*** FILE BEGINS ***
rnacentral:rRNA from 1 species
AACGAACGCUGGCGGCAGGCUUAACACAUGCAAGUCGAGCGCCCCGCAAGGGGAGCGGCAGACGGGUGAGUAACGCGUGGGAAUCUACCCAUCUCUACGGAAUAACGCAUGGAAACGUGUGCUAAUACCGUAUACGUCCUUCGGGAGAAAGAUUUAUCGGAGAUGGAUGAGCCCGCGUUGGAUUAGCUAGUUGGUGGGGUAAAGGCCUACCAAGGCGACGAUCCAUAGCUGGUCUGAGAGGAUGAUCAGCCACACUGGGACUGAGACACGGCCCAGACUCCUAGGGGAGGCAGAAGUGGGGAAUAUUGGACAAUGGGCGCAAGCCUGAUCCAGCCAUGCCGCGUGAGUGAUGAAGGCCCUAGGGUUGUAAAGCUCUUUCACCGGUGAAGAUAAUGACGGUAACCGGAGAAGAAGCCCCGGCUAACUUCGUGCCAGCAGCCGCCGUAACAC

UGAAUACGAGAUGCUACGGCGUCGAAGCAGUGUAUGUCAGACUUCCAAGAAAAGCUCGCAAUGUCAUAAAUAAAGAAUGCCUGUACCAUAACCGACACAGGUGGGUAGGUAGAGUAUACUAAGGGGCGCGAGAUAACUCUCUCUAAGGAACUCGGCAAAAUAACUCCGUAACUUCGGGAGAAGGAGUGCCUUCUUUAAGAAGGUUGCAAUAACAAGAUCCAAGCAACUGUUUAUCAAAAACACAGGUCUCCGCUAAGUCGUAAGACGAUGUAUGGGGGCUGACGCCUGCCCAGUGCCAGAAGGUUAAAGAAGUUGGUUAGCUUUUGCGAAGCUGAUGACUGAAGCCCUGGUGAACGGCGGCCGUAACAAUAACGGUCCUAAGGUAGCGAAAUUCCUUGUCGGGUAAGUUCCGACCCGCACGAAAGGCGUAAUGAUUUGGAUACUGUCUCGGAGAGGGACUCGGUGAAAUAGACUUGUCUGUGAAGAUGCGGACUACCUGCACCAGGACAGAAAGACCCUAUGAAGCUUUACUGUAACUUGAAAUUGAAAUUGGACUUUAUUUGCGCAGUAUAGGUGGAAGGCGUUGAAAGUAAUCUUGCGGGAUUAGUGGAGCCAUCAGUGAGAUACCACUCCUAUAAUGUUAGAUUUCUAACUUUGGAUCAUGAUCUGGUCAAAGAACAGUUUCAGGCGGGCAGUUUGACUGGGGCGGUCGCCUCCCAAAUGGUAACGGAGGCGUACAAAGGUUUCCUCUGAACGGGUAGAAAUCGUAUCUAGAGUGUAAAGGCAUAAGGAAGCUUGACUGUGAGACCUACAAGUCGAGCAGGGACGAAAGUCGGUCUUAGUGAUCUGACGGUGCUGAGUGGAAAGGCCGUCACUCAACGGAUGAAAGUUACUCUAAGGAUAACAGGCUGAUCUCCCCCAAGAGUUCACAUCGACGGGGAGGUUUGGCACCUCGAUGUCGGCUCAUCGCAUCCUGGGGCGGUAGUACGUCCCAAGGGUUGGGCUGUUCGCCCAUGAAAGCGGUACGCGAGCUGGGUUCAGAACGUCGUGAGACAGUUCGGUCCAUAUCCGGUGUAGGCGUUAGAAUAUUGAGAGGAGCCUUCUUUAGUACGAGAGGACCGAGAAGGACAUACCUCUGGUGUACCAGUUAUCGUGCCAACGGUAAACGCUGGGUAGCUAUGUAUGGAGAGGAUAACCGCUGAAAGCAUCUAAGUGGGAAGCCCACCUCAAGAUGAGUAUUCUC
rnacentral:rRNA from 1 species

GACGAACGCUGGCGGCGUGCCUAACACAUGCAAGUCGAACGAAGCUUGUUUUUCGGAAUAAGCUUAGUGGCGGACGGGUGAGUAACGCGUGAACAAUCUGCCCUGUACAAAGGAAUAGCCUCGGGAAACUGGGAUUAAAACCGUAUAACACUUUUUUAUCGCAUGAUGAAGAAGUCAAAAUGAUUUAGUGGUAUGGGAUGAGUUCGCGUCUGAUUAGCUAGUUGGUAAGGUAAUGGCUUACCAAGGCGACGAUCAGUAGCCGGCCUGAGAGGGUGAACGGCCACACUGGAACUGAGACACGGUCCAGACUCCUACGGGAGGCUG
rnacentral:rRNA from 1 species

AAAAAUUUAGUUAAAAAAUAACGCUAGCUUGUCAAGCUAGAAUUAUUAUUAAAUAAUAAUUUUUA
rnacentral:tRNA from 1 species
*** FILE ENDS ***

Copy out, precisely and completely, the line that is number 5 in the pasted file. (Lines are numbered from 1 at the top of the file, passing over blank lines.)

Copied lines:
GACGAACGCUGGCGGCGUGCCUAACACAUGCAAGUCGAACGAAGCUUGUUUUUCGGAAUAAGCUUAGUGGCGGACGGGUGAGUAACGCGUGAACAAUCUGCCCUGUACAAAGGAAUAGCCUCGGGAAACUGGGAUUAAAACCGUAUAACACUUUUUUAUCGCAUGAUGAAGAAGUCAAAAUGAUUUAGUGGUAUGGGAUGAGUUCGCGUCUGAUUAGCUAGUUGGUAAGGUAAUGGCUUACCAAGGCGACGAUCAGUAGCCGGCCUGAGAGGGUGAACGGCCACACUGGAACUGAGACACGGUCCAGACUCCUACGGGAGGCUG